|The Princess Bride is one of those movies that so defined my childhood and adolescence that to this day, even with more than a decade since my last viewing, I still find myself able to recite most of it - the pauses, the comedic beats, the musical stings, the whole thing. But watching the movie with my children forces me to look at it in a whole different light, and wonder how much it's aged and how well it might hold up. And the wonderful answer is that it hasn't been hurt at all over the years; it's still funny, still wonderful, still charming, and still a blast. Sure, the score has some moments of 80's cheese (but not as many as you might dread; this isn't Ladyhawke, which is nearly ruined by its over-reliance on synthesizer score); sure, there are a couple of moments where the comedy beats are hit a little harder than they need to be (Billy Crystal's scene, unsurprisingly, might be the biggest offender). But none of that really matters, not when the whole thing has such a wonderful fairytale atmosphere and a keen sense of its own silliness and fun. Rob Reiner and writer William Goldman do a superb job blending the fairytale world with a modern sensibility, allowing the actors to bring the characters to life and create a real sense of warmth and affection that you need, and allowing the "present day" framework to comment on the action in a satisfying way that still works well (especially for an 8-year-old boy who hates the "kissy" parts, just like Fred Savage's character in the film). I doubt I can objectively rate The Princess Bride at this point in my life; it's too special to me and too much a part of my life. But it still warms my heart to watch, still makes me laugh, and still just charms me to no end. And watching my kids fall in love with it is even more wonderful for me to have happen.|
|A fantastically creepy horror film that works almost entirely without effects work or gore, Village of the Damned starts simply enough, with an entire village suddenly passing out in unison. It's a weirdly unsettling scene, and Village of the Damned plays it out beautifully, using silence and long camera shots to emphasize the unreality of what we're seeing. It makes the eventual awakening of the village almost a disappointment, as we fear that the rest of the movie can't quite live up to that strange opening, and to some degree, that's true. As the plot continues and the women in the town start turning up pregnant, the film in some ways goes in a more conventional fashion. And yet, that's never quite the case with Village of the Damned, which always feels slightly off and unreal, in an unsettling way. The strange children of the town are disturbing, but never terrifying; the acts they commit are menacing, and yet they remain somewhat sympathetic, in a bizarre way that's hard to place. All of that helps make the film work as well as it does, making it a horror film that's hard to pin down. Are the children the monsters they seem to be? Are they a predator, or simply a new creation defending itself? And what of that strange opening - is it an ominous omen of the danger to come, or simply a side effect of dealing with something we don't understand? Village of the Damned gets a lot of mileage out of its unease and its questions, and it makes for a gloriously strange and unsettling film that works thanks to its performances (especially George Saunders as one of the "fathers" of the town) and its low-key mood, not in spite of them. It's a great little horror gem, and one that works by being more complicated and interesting than I expected - to say nothing of being far moodier and unsettling than I expected at all.|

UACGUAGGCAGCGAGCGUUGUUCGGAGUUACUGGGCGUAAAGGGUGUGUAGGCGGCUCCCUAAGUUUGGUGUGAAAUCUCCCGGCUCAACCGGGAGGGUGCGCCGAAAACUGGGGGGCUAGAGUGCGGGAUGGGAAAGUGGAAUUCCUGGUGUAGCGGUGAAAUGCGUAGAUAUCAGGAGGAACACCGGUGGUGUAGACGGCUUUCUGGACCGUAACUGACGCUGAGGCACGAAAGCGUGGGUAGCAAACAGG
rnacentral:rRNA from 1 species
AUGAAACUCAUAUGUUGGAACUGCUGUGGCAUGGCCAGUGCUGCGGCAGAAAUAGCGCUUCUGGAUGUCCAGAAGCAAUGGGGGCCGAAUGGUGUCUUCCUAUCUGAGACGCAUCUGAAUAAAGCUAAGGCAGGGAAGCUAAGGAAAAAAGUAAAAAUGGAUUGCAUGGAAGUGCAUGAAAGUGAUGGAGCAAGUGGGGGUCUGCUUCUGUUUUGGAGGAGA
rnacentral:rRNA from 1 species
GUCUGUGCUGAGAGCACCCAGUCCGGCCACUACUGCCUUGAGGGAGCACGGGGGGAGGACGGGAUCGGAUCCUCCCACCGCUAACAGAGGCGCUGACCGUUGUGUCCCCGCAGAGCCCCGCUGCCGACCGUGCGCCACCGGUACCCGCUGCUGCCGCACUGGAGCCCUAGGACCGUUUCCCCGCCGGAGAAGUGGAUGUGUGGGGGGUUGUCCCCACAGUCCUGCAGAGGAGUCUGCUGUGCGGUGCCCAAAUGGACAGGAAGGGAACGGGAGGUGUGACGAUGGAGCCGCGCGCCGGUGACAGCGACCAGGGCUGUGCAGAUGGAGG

|One of the most famous short stories ever written gets its first - and still most well-regarded - adaptation in this fantastic little pre-Code thriller. It's a solid adaptation of the story, adding a few characters to help flesh out the dialogue and storytelling (the original story is mainly from the hero's perspective, so we get his running monologue) but still focusing on that killer hook: the survivor of a shipwreck washes onto an island, only to find himself hunted by a master hunter and struggling to fight back. Sure, the performances are a bit over the top, especially Leslie Banks as Zaroff, but it's all just enough to work, turning what could be campy into a nicely deranged performance. And while the movie takes a little too long to get to the hunt, the buildup is worth the wait, as every reversal and moment is played out to the utmost. Add to that some spectacular scenery and sets (especially Zaroff's wonderfully gothic mansion) and you've got a fun thriller that holds up nicely after all these years. And the short length works to the film's advantage, making it feel tighter and leaner than a lot of bloated short story adaptations I've seen; after all, when the story is this good, why add to it more than you need to? All in all, it's a great little thriller, one that does justice to its source material but still works well as a film on its own terms.|